Power Semiconductors

Report: Intel to invest $20 billion in Ohio fab

19 January 2022

Intel Corp. has picked Columbus, Ohio, to build a new semiconductor factory and plans to invest $20 billion in the factory.

The news comes from The Columbus Dispatch, where sources said the Licking County site would employ 3,000 workers along with thousands of construction workers to build the fab.

Last week, the newspaper issued a report that a major semiconductor company was interested in developing a fab in the area, which would be one of the largest economic development projects in the state’s history.

State officials, Intel and the state’s economic development agency, JobsOhio, declined to comment but rumors of an investment have been happening for months after 3,190 acres of the city of New Albany was annexed from Jersey Township in western Licking County.

Currently, the land where the fab would be built also includes Google, Amazon and Facebook data centers.

The move by Intel would continue the chip company’s move to increase its manufacturing of semiconductors domestically. This is a strategy shift by the company that previously has mixed its own manufacturing with using foundries such as Taiwan Semiconductor Manufacturing Co (TSMC).

Intel recently broke ground on two new fabs at its Ocotillo campus in Chandler, Arizona, where it already has factories. Intel is investing some $20 billion in the two fabs and at the same time providing foundry services as part of its Intel Foundry Services.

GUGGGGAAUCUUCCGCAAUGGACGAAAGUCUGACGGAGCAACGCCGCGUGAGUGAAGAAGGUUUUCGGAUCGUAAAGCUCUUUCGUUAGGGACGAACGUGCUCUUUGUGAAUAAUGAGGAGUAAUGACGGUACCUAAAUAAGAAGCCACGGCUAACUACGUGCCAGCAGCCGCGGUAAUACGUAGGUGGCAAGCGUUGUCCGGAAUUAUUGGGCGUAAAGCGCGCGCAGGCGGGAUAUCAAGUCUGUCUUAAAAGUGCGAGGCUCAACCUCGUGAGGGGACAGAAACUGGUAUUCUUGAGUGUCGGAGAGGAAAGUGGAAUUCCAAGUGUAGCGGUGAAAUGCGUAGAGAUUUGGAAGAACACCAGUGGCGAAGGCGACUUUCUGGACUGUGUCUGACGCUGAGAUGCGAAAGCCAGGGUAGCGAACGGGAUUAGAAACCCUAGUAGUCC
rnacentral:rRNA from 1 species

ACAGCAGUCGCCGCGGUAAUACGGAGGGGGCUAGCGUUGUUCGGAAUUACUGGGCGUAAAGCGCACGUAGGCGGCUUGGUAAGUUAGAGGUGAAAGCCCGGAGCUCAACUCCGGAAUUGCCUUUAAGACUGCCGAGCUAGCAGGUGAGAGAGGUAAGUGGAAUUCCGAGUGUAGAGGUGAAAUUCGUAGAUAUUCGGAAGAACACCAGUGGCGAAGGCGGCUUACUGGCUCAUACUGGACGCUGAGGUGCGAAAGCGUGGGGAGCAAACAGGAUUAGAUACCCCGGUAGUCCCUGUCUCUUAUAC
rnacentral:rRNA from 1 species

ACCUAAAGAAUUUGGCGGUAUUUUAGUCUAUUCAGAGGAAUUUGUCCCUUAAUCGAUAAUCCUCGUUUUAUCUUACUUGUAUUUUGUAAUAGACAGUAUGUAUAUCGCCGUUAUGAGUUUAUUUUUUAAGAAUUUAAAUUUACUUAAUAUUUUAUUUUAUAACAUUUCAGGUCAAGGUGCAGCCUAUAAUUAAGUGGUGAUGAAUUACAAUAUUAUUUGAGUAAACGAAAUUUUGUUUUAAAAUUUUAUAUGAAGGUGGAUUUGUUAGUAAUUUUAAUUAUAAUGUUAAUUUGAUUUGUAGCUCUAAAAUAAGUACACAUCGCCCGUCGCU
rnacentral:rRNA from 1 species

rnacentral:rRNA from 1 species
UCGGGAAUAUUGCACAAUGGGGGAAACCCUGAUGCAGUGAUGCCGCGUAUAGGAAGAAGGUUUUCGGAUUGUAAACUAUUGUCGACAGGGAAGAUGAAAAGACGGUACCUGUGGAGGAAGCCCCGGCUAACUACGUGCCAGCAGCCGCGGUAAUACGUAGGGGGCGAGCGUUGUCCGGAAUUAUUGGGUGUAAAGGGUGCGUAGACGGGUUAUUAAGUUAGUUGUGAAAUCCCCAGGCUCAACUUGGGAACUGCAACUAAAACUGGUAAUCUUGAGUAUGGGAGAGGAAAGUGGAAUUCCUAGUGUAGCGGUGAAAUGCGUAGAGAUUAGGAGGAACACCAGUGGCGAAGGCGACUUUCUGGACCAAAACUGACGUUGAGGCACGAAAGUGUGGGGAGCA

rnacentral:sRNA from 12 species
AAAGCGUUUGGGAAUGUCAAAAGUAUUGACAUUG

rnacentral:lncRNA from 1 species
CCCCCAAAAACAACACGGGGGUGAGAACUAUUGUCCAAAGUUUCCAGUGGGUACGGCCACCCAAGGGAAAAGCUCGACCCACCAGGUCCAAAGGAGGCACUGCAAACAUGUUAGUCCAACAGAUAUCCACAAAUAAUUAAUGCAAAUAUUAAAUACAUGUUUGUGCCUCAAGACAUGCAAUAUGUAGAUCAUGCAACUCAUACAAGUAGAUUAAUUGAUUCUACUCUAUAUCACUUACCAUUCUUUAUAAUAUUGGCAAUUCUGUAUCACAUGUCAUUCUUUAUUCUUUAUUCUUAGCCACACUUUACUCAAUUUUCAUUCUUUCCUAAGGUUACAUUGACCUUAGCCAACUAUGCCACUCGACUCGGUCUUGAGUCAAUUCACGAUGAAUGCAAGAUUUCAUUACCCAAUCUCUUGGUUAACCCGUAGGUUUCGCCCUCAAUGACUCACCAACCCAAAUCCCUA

Since the outbreak of the COVID-19 pandemic, semiconductor manufacturing has been hit hard with supply chain issues, causing a shortage in semiconductors, particularly in the automotive sector. While COVID-19 is the root cause of the shortage, it served as the final straw for many organizations in the U.S. as well as domestic companies to call for an expansion of domestic chipmaking.

The U.S. government is also behind the boost to increase U.S. domestic chip manufacturing. Last year, the Senate passed the United States Innovation and Competition Act (USICA), which includes funding for Creating Helpful Incentives to Produce Semiconductors (CHIPS) for America Act, a bill that would help to increase U.S. domestic semiconductor manufacturing. The bill is currently with the House of Representatives.

The bill would provide $52 billion in federal investments for domestic semiconductor research, design and manufacturing and may be part of the funding for the new Ohio facility.

To contact the author of this article, email PBrown@globalspec.com


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